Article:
Mohamed Badal is a 45-year-old father of 10, living in Fafan, a rural city in the Somali region, southeast Ethiopia. He is an owner of an electronic maintenance business. Like many small businesses, income has been deeply hit by the lockdown, causing him a lot of stress. Our team recently checked in with Mohamed to see how he was doing. Here’s what he told us:
How COVID-19 changes daily life
I work as electronic maintenance technician. My wife has a small restaurant. We were all doing ok before COVID-19, but now our daily income from the restaurant and electronic maintenance business is at risk. Demand from customers has rapidly declined, and our daily income is impacted. Customers who were traveling from surrounding villages are unable to come due to travel restrictions. I am really worried about my family’s future.
Living in isolation
Everyone is living in in isolation for fear of contracting the coronavirus . And due to travel restrictions, it’s difficult to reach social or heath services. When I needed treatment for tuberculosis, I was not able to go to the Jijiga Karamarda Hospital. Nobody wanted to take me there. There is so much fear among the community, so social cohesion is affected.
Living in fear
I fear the virus. It is currently a stressful living condition and I am worried about the impact for the future if COVID-19 continues to spread. If the virus hits the area hard, life will be even more difficult.
Impact for the future
I would like our easy daily life back, with a daily income, free movement and social interaction. I like my job of maintaining electronics, and I would also like to a become role model to show other community members that people with disabilities are capable and strong enough to manage their daily life.
Staying informed about COVID-19
I am well informed. I’ve obtained prevention information from Humanity & Inclusion and the government. Some of the information is about washing hands with soap and water, and to avoid touching your eyes, nose and mouth before hand washing. It’s also recommended not to shake hands.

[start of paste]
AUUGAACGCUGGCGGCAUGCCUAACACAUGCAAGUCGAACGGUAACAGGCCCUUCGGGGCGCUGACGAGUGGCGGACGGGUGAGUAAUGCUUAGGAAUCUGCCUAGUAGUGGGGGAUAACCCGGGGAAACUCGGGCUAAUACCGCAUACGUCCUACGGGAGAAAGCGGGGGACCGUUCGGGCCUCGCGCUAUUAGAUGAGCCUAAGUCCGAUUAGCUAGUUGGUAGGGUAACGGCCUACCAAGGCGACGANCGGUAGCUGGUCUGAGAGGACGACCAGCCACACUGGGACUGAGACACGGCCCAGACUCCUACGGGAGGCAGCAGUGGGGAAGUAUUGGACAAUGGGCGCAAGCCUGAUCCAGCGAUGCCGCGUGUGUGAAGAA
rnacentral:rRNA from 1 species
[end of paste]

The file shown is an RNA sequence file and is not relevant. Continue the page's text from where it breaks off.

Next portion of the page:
I also received hygiene kits from Humanity & Inclusion. COVID-19 can be prevented by following the instruction provided by health professionals like maintaining physical distancing and avoiding mass gatherings.
I am personally able to implement these prevention measures, but physical distancing is difficult, because for the community here, being together is very important and people are not very disciplined, it isn’t easy to learn new practices.
Humanity & Inclusion works to protect the most vulnerable
As of May 7, we count 141 new projects that aim to protect our beneficiaries and staff from the virus, and to help them during their countries' lock downs. As COVID-19 takes aim at our planet's most vulnerable neighbors, we're ensuring that people with disabilities, people with injuries from conflict, children, women, and especially older people have the information--and even the soap--to stay healthy. Learn more about our COVID-19 response.